Second Quarter 2020: What A Short Strange Trip It's Been
In 1976, Grateful Dead released “What a Long Strange Trip It’s Been.” The second quarter felt like a long strange trip, except it took place over just three months. We entered the quarter trying to flatten the curve, did so, and saw the economy reopen and social distancing restrictions relaxed to a degree. The market rallied, employment started to come back, the rate of new virus cases increased, and stocks sold off a bit as hopes for a quick eradication of Covid-19 faded. At the same time, the horrific killing of George Floyd in Minneapolis on Memorial Day and the resulting wave of protests and violence further shattered the spirit of the nation.
While the virus and racial tension have been a double-punch to the country, stock prices for the most part have kept on “Truckin’.” After bouncing strongly late in the first quarter, they continued their ascent in Q2, shaking off several small sell-offs and a larger one in June to close the quarter up 20%. The Nasdaq rose more than 30%, hitting 10,000 for the first time. The market was buoyed not only by the leveling off in new virus cases but also the progress on managing those cases. Hospitals are learning what treatment strategies are effective and when to use them, and the death rate has consequently fallen. Covid-19 remains deadly for the elderly but far less risky than even the flu for children. Of course, children can pass it to their elders. These facts, along with the dramatic impact on the economy that the protective measures have had, have created intense disagreement among various groups about how to handle the crisis.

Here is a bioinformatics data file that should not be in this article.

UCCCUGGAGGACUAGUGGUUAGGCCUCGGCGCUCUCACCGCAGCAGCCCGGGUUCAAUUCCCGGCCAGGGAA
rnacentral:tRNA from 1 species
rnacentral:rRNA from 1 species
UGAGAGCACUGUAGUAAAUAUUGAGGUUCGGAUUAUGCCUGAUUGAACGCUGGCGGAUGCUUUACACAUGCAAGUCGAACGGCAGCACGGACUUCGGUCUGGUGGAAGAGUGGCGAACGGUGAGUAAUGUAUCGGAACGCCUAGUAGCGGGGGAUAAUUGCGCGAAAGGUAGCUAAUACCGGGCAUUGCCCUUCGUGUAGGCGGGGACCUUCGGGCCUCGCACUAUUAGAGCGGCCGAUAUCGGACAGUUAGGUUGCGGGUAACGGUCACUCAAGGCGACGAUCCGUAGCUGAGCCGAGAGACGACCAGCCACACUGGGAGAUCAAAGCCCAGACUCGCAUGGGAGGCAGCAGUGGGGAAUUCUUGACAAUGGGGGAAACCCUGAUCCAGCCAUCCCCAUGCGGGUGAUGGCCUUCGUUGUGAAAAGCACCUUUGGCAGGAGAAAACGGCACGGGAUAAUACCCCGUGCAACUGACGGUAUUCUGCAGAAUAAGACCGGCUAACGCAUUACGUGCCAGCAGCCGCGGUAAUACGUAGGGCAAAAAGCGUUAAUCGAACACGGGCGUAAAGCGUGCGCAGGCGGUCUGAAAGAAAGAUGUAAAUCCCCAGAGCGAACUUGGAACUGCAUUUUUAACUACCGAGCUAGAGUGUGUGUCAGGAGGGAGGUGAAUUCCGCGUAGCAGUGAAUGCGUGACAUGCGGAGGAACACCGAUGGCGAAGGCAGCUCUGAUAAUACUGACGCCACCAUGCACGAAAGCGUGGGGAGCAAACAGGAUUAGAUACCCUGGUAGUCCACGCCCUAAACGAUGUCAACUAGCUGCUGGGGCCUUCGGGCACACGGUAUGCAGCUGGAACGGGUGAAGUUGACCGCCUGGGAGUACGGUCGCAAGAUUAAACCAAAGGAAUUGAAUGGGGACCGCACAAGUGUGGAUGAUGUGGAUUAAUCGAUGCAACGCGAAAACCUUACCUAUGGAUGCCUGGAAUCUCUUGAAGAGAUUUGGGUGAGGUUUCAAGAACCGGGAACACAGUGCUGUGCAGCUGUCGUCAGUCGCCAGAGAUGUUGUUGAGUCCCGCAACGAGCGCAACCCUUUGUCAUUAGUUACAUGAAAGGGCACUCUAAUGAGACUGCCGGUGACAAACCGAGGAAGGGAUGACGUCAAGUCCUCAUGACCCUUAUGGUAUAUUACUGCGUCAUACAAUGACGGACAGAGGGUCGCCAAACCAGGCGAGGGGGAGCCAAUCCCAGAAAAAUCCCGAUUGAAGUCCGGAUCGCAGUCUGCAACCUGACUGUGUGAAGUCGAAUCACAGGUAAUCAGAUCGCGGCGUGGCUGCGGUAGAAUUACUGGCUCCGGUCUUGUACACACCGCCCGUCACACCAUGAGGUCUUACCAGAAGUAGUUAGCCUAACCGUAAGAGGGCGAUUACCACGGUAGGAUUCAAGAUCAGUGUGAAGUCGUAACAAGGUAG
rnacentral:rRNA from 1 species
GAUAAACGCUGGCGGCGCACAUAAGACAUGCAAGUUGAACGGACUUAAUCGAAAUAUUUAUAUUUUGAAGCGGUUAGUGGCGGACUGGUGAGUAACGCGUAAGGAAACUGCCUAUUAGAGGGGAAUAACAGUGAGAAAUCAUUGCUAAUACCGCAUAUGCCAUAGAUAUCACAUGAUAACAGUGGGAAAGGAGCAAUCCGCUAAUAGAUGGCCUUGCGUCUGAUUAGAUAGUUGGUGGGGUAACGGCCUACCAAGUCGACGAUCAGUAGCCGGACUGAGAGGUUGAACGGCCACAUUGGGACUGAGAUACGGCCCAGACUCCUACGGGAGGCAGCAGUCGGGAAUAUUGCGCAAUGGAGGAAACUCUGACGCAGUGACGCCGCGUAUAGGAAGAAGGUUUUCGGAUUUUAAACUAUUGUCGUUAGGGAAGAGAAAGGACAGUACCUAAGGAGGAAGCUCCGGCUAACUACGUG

Stock prices have largely been driven on a daily basis by the virus statistics, as investors know that a full economic rebound is dependent on a full reopening. In June, the number of new cases in the US leveled off at about 20,000 per day. But by the end of that month, they had hit almost 50,000 per day. One may have expected this to lead to a significant decline in stocks, and there was some volatility in June, but with deaths not having spiked (granted, there tends to be a lag between new cases and deaths), perhaps the market is starting to view this as a manageable problem. Time will tell whether this is appropriate or not.
The employment data improved during the quarter. The number of jobs increased by 2.7 million in May and another 4.8 million in June, though the total remains 15 million below the February level. The unemployment rate fell to 11.1%, which is still very high.